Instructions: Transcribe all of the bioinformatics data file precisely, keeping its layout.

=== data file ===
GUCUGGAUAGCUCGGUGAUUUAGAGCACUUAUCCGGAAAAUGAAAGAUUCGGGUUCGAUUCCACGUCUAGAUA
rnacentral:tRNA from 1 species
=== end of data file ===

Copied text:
GUCUGGAUAGCUCGGUGAUUUAGAGCACUUAUCCGGAAAAUGAAAGAUUCGGGUUCGAUUCCACGUCUAGAUA
rnacentral:tRNA from 1 species